• Your graphic design resume is going to be just as important as your portfolio, if not more important than your portfolio when it comes to job hunting. This is because most people will examine your resume before they open your portfolio book, meaning your resume is going to be your f irst impression!

The paper you use for your graphic design resume can tell your potential employer a lot about you.

You don’t want to go overboard with a resume, because the information on the resume in the end is the most important part.

don’t design your resume in Microsoft Word! stay away from display fonts and free fonts and instead go with some classical fonts. Probably the most important font to avoid in a design resume would be Times New Roman! Even Helvetica can be frowned upon sometimes, because its bee branded so much as the “designers font” that some people consider it overused

Readability is very important so don’t make your type too small

Find out a little bit about the company you want to work for. Visit the location in person if it is a store or building open to the general public.

the dream job

Visit the company’s Website and talk to anyone you might know who works there.

Be on time for your interview.

Employers expect employees to arrive on time to work.

The best way to ensure a good f irst impression is to dress smart If you are interviewing for a job in an offIce, it is usually best to wear a dark-colored, conservative suit. If you are interviewing for a job where the dress code is more casual, nice slacks and a collared button-down shirt with a tie for men and a nice dress or blouse and slacks or skirt for women are usually appropriate. You should avoid wearing excessive jewelry, perfume, and f lamboyant clothes. Good personal hygiene is also important.

When you arrive in the interview, give them your business card.

It should be well designed, memorable, simple and hopefully have a great idea. It should be unique and you should be branded.

Don’t talk about holiday or money in an interview.

speak eloquently and politely. no matter what f ield you are in and are applying for, an interview is always a formal interaction.

thank you for your time. When you get back home, send an email thanking them for the interview. Make sure your branding is consistent on your business card, CV and email signature.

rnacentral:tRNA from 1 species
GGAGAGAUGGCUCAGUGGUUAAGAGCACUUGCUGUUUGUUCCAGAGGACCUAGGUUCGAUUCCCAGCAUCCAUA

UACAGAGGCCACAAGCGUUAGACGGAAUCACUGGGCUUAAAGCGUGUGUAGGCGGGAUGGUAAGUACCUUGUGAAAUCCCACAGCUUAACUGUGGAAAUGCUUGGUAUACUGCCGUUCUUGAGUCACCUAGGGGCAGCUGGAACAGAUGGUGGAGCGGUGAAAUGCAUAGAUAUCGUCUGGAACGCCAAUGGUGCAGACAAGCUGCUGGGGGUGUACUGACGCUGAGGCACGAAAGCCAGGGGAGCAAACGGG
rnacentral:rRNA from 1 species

Many artistic or creative jobs have intense competition and graphic design is no exception. To succeed in this f ield requires a wide variety of design experience.

beginning with traditional skills such as drawing and painting, up to and including a thorough understanding of how to use computer software technology.


Because of the competitive nature of creative jobs, those with an education and knowledge of computer design software, especially web design and animation, will have the best chance of success.

The f ield of graphic design is broad, and there are many different ways of using design skills.

Graphic designers help plan the layout of magazines, newspapers, and corporate reports. They may work closely with copywriters to design marketing brochures.


Many graphic designers specialize in developing material for web pages

others may specialize in photographic techniques. Graphic designers create CD covers, movie credits, letterhead, signs, distinctive logos, and calendars.

Anywhere images are displayed, somewhere there is a graphic designer behind them.

Graphic design is a complex profession that requires intelligence, knowledge, talent and skill in a wide range of work domains


Graphic designers have creative, yet well-organized minds.

They have a solid understanding of color, line, composition, and design.


They take an idea, a concept, and communicate that idea in a way that informs and/or entertains visually.

They utilize branding concepts to create a visual identity for a client or product. Sales and marketing rely heavily on graphic design to inf luence customers to buy the products advertised.